RESOLUTION No. 1, WATER CONSERVATION AND RECLAMATION Whereas the Montana Stockgrowers Association is an organization of 60 years standing, whose members have witnessed during those years, the disastrous effects of periodic droughts upon the livestock populations of the Great Plains States with resultant dislocations of many other economies; and

Whereas in the course of those 60 years, the cattle-raising States have come into greater and greater production of forage and feed through the use of water for irrigation; and

Whereas such production of feed and forage has enable cattle-producing States to stabilize the inilustry to the extent of meeting the unprecedented demands of a world-wide war, for meat, and related products; and

Whereas efforts are now being made by industrial interests in the lower basin States of the Missouri River to secure the enactment of legislation by the Congress of the United States, which would forever dedicate the remaining waters of the Missouri River and all its tributaries to the purposes of navigation, to the complete exclusion of the further development of lands susceptible of irrigation, which have been estimated to total 22,000,000 acres in the States of the arid West; Now, therefore be it

Resolved, That the Montana Stockgrowers Association, meeting in its sixtieth annual convention in Miles City, Mont., on May 25, 26, and 27, 1944, define its attitude with regard to the use of water from the streams of the West as follows:

It should be the duty of Congress to recognize the interests and rights of the States in determining the development of the watersheds within their borders and likewise their interests and rights in water utilization and control; to preserve and protect to the fullest possible extent established and potential uses, for all purposes, of the waters of the Nation's rivers; and to limit the authorization and construction of navigation works to those in which a suhstantial benefit to navigation will be realized therefrom and which can be operated consistently with the appropriate and economic use of the water of such rivers by other users; that in connection with the construction, operation, and maintenance of navigation works, water for the use thereof arising west of the ninety-seventh meridian shall be subordinate to and shall not adversely affect at any time the beneficial consumptive use, west of the ninety-seventh meridian, of such waters for domestic, irrigation, mining, or industrial purposes.

Attest: This is a true copy of resolution No. 1 adopted unanimously at the sixtieth annual convention of the Montana Stockgrowers Association in Miles City, Mont., on May 25, 26, and 27, 1944.

E. A. PHILLIPS, Secretary,

BRIEF OF THE MONTANA RECLAMATION ASSOCIATION, WILSALL, MONT., JUNE 5, 1944 COMMERCE COMMITTEE OF THE SENATE:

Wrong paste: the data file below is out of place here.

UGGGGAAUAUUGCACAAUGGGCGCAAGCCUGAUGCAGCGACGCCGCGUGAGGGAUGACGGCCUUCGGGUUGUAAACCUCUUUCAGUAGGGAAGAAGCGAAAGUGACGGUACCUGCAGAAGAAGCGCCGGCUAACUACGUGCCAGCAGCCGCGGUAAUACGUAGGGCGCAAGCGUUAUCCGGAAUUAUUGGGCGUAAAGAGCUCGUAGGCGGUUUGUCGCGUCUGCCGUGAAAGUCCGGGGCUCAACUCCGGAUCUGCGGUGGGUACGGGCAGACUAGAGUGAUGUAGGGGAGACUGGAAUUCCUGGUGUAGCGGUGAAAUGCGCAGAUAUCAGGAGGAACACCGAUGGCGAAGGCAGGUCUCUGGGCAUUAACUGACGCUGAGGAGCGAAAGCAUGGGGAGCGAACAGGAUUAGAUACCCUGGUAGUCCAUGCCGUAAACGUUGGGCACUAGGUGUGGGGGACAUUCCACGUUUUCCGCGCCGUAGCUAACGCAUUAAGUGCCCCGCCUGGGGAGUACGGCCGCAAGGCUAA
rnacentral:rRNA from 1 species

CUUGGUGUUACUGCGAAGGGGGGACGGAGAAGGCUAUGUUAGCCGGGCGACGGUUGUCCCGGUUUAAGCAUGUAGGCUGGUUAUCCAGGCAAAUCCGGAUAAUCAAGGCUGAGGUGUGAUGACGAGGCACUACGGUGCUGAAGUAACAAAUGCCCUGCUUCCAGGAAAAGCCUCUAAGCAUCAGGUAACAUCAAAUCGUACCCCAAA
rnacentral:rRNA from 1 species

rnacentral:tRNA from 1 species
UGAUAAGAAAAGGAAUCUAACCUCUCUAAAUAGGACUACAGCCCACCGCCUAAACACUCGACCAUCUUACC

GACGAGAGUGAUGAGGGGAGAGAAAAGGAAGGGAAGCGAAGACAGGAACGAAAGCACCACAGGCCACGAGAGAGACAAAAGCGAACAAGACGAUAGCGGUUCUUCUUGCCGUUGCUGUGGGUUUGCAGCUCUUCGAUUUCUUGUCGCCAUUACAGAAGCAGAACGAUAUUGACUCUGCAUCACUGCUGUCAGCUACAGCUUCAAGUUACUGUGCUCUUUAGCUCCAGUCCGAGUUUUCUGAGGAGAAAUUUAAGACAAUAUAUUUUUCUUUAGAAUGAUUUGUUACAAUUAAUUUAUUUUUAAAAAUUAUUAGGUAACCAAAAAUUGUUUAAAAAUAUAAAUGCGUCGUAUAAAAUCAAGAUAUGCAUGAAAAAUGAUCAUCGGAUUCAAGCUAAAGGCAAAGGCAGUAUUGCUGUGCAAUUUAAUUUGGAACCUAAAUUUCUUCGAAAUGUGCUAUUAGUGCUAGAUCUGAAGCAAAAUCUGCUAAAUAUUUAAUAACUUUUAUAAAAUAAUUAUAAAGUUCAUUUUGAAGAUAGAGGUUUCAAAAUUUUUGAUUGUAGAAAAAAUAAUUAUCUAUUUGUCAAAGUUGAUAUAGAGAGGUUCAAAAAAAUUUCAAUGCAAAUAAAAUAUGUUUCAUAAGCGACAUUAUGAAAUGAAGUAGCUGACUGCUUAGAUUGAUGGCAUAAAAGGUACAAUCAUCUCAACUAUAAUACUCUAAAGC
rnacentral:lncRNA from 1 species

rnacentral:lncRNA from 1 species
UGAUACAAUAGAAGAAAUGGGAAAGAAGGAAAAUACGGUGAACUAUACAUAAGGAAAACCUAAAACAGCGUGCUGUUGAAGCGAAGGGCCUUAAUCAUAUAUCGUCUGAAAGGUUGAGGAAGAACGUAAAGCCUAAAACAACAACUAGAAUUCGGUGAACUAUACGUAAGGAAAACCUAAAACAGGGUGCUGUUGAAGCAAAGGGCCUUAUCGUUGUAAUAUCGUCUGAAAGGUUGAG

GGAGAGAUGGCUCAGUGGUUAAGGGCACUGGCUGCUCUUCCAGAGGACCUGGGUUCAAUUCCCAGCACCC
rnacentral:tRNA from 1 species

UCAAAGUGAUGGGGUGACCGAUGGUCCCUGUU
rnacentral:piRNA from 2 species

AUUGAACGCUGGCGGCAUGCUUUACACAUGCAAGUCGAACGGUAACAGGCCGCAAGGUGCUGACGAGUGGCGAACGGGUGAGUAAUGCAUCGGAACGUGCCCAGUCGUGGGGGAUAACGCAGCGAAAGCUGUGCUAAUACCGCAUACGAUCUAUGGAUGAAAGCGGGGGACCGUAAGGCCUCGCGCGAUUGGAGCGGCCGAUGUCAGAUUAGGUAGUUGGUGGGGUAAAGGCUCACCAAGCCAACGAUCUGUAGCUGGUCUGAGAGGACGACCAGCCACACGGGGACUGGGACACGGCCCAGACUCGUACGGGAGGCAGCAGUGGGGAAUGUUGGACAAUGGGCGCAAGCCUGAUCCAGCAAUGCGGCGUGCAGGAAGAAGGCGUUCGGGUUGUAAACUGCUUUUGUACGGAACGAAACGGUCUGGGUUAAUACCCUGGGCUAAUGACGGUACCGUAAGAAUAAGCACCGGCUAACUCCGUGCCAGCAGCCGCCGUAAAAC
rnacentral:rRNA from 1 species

This brief is filed on behalf of the Montana Reclamation Association, a Montana organization with members in every county of the State that works for the development and best use of the land and water resources of Montana.

It is filed in opposition to certain features of H. R. 4485 that the Montana Reclamation Association considers detrimental to the best interests of the development and best use of our land and water resources. A full understanding of the implications of this bill can be had only after a careful study of the recommendations of the Chief of Army Engineers in House Document 475, Seventyeighth Congress, second session. The authorization contained in this bill would make irrigation subordinate to flood control and navigation. We in Montana believe the contrary should be true.

First, because we are convinced there is not enough water for navigation in the lower basin as has been indicated by some of the Army engineers' studies, and for even the more feasible irrigation projects in the arid and semiarid States. Second, we believe water used for irrigation is a much more valuable asset to the country than when used for navigation and also that there are many substitutes for transportation of goods besides navigation but that no substitute can be had for water used in growing crops. Third, when full irrigation development in our State is had only 5 percent of land will be watered and this small proportion is absolutely necessary for growing of hay and grain to stabilize the use of the ranges. Fourth, irrigated acreage is needed for the use of returned soldiers who wish to acquire farms and the denial of the paramount use of this water for irrigation precludes the development of these farms.

We object to section 3 of this bill in that it grants to the Secretary of War such broad powers that it could enter into the construction and operation of irrigation works. We believe this should be left in the hands of the Bureau of Reclamation which was established by Congress for this purpose and has had years of experience in this kind of work.